Except for Chief fans the regular season gave most other football fans a great thrill ride. We saw two amazing comeback stories and the out of nowhere emergence of a superstar quarterback in the Bay area. We were treated to an exciting Super Bowl that for the first time in a long time wasn’t overshadowed by the commercials or Janet Jackson’s boob. I’ve been an NFL fan for going on north of 20 years and I can’t remember having this much fun in a loooong time.
But like all good things this season has come to an end. For fantasy football fans the off-season is when the men are separated from the boys. While the competition is hitting cruise control you are here at DFW training like Rocky Balboa. Only instead of a seven foot tall Russian on steroids you are training for your draft and trades. Four Down Territory is meant to take 4 quick looks at things you need to know before pressing “Accept” on the latest trade offer or draft that rookie runningback in the first round.
If you have been playing fantasy football for any period of time you may have heard the “RB-RB-WR” draft strategy as being gospel. A Quinnonian Truth (search Quinn Almighty on DFW, you won’t be sorry). Draft anything other than a RB in the first round and be prepared to get mocked endlessly by the dogmatic practitioners of “RB-RB-WR” with suggestions like, “Why don’t you pick a kicker next, noob!” and hear about it on your message board with my all time favorite, “I wish he was in my league!” Want the truth? In a traditional (non-PPR & non-IDP) keeper league last year nine of the top ten players in scoring were quarterbacks. The first running back in the top ten is the Million Dollar Man Adrian Peterson. Just for fun let’s extend that out to the top 15. That’s GOT to be where the RB’s start popping up, right? Yeah, nope. Four more quarterbacks and Arian Foster.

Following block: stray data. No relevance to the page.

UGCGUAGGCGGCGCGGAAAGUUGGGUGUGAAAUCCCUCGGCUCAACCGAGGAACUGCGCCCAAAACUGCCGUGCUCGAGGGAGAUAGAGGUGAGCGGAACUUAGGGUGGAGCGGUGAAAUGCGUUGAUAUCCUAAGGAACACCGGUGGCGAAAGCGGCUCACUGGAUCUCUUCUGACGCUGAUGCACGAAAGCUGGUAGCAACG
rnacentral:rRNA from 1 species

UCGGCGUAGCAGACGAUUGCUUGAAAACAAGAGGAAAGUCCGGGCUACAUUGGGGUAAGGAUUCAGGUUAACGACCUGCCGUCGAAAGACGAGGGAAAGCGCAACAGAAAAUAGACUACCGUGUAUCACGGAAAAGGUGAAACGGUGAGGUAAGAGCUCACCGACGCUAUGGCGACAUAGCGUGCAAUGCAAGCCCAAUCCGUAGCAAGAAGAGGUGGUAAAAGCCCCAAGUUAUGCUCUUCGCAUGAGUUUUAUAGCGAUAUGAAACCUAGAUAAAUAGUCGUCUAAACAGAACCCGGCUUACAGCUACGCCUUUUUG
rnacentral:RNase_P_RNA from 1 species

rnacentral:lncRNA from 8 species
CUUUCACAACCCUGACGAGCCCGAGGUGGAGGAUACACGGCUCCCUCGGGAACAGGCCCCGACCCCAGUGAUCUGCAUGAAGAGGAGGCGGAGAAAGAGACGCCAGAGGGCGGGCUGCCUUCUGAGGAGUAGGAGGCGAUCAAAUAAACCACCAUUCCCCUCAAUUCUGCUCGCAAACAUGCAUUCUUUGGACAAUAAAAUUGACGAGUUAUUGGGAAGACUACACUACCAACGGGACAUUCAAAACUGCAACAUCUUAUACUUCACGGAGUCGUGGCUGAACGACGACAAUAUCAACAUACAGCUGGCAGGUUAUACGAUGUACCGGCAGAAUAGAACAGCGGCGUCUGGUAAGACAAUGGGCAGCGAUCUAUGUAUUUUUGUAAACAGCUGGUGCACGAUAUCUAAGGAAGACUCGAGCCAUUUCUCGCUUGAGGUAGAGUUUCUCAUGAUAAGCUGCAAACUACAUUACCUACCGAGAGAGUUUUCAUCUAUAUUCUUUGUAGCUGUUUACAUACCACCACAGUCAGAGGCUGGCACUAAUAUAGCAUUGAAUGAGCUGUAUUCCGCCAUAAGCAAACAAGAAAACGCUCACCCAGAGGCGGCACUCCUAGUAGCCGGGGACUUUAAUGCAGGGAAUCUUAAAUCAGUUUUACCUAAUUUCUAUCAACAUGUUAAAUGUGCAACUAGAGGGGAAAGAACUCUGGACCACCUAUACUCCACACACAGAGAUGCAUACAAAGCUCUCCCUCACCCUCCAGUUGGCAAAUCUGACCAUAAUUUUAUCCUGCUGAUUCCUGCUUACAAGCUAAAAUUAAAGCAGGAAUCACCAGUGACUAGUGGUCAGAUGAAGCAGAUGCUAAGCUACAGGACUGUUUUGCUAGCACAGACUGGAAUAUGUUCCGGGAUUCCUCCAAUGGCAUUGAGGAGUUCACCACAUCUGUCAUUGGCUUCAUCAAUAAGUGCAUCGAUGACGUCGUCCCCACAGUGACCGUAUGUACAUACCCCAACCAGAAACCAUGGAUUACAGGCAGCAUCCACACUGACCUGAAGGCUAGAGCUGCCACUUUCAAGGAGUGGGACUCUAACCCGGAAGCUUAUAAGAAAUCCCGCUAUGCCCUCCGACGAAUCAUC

So what do we take away from this? You want to win? You better have an elite QB on your roster. Because while the top 13 of the top 15 were quarterbacks the drop off from #1 to #10 is about a 70 point difference. Number 1 to 15? One-hundred points. Hint for next year; trade you first born child for Colin Kaepernick. Every year there is a major shift in who is in the top 5. My prediction for the upcoming season is; See ya’ later RGIII, Kaep will be kissing his bicep in your place.
So I just got done telling you that in order to win you need an elite quarterback. What about the running backs? What about wide receivers? Yes you still need one or two of those. Winning in fantasy football is less about having beasts at every position and more about match ups. Ask yourself the following questions:
How many guys do you start at each position?
How many of those one-one match ups do you win against an opponent?
Assuming you don’t drop a goose egg because you started someone on a bye week, if you win more one-on-one match ups you’ll win the game. Just don’t be a dumbass and it works. Simple. Onward.
When I first uncovered the little statistical nugget on quarterbacks I thought to myself, “Self, if the guy throwing the ball is the most valuable player in fantasy football then the wide receiver he’s throwing to must be the second most valuable.” Wrong! The top WR was only 28th in total scoring and the top 5 were only separated by 20 points. Running backs, then? With the aforementioned 2 in the top 15 they fared quite a bit better but to be very honest after those two they tend to be a dime a dozen. None distinguished themselves as elite gotta’ have’s statistically. The take away on this rant?